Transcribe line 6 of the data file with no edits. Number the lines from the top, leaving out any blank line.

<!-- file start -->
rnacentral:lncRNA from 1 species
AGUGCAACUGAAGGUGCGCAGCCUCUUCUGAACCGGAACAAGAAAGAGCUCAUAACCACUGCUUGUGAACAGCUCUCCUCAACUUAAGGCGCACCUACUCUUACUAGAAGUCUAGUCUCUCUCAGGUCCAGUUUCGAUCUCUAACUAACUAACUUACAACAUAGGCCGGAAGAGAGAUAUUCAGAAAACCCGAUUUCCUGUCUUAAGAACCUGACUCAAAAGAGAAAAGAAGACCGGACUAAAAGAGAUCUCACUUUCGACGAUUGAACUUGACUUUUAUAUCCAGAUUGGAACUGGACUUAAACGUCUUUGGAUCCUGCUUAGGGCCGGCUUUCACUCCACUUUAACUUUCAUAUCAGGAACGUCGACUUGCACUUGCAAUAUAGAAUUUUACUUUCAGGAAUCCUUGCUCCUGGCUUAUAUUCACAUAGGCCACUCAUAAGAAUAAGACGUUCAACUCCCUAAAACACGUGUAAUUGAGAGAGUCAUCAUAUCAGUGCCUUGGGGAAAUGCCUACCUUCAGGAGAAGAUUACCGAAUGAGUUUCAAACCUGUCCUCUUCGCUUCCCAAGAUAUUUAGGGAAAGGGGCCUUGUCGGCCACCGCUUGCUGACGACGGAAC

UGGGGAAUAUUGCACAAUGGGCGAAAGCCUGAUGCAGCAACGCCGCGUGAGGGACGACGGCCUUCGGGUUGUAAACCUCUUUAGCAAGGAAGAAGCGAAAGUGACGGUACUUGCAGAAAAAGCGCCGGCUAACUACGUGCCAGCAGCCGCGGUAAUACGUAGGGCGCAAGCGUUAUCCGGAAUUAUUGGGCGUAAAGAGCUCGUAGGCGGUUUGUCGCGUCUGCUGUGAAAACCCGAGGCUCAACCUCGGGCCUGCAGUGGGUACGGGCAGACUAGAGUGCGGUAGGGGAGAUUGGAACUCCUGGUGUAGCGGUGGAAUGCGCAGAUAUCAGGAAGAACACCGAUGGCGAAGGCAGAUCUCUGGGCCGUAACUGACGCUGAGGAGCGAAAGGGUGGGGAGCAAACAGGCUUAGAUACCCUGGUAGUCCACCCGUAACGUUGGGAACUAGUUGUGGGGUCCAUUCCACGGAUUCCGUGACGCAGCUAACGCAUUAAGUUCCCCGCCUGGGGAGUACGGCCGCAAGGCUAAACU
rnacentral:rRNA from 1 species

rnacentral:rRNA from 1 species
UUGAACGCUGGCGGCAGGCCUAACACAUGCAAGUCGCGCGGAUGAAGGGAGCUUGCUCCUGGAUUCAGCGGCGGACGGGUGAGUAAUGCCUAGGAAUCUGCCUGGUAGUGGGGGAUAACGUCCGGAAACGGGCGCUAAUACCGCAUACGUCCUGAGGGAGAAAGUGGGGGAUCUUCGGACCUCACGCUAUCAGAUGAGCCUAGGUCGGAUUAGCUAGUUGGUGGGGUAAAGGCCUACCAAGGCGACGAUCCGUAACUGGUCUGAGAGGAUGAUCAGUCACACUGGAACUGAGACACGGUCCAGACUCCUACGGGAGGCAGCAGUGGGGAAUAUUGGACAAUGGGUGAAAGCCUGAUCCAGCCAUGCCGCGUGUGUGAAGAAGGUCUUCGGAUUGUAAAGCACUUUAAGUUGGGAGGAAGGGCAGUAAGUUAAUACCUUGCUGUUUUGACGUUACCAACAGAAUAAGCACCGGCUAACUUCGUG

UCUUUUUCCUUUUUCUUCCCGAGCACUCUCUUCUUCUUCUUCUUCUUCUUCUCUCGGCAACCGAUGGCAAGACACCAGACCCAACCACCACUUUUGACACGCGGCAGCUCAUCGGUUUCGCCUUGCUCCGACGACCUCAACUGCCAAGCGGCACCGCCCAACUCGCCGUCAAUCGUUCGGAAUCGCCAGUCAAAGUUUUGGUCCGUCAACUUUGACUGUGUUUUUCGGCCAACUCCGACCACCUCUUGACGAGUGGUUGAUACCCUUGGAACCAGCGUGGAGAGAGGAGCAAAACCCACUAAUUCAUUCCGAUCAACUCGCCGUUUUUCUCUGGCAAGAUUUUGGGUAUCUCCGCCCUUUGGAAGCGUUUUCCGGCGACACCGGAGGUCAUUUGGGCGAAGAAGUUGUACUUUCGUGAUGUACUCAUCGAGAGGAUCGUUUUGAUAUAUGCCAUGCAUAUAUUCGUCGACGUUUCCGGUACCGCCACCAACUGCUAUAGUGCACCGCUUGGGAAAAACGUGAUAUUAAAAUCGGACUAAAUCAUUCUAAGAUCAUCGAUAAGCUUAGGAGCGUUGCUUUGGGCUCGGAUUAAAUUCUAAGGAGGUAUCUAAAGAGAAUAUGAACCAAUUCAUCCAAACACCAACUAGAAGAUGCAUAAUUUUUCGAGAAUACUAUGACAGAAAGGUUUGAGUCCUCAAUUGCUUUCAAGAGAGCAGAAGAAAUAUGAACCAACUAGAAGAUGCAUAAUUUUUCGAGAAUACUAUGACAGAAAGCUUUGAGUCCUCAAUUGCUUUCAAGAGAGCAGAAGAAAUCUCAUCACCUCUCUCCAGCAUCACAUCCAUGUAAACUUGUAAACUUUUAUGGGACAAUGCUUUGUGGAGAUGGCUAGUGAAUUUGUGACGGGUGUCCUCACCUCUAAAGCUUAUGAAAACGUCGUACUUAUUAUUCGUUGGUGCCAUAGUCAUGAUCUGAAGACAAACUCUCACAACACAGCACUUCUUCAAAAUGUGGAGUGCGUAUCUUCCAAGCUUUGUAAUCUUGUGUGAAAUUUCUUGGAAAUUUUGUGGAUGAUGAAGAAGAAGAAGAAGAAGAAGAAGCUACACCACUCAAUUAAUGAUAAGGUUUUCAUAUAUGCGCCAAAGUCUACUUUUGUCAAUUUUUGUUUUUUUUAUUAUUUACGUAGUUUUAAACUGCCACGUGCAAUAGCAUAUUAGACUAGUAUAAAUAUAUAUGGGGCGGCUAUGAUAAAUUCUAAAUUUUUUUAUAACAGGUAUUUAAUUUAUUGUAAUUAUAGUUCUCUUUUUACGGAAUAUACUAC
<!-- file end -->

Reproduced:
UUGAACGCUGGCGGCAGGCCUAACACAUGCAAGUCGCGCGGAUGAAGGGAGCUUGCUCCUGGAUUCAGCGGCGGACGGGUGAGUAAUGCCUAGGAAUCUGCCUGGUAGUGGGGGAUAACGUCCGGAAACGGGCGCUAAUACCGCAUACGUCCUGAGGGAGAAAGUGGGGGAUCUUCGGACCUCACGCUAUCAGAUGAGCCUAGGUCGGAUUAGCUAGUUGGUGGGGUAAAGGCCUACCAAGGCGACGAUCCGUAACUGGUCUGAGAGGAUGAUCAGUCACACUGGAACUGAGACACGGUCCAGACUCCUACGGGAGGCAGCAGUGGGGAAUAUUGGACAAUGGGUGAAAGCCUGAUCCAGCCAUGCCGCGUGUGUGAAGAAGGUCUUCGGAUUGUAAAGCACUUUAAGUUGGGAGGAAGGGCAGUAAGUUAAUACCUUGCUGUUUUGACGUUACCAACAGAAUAAGCACCGGCUAACUUCGUG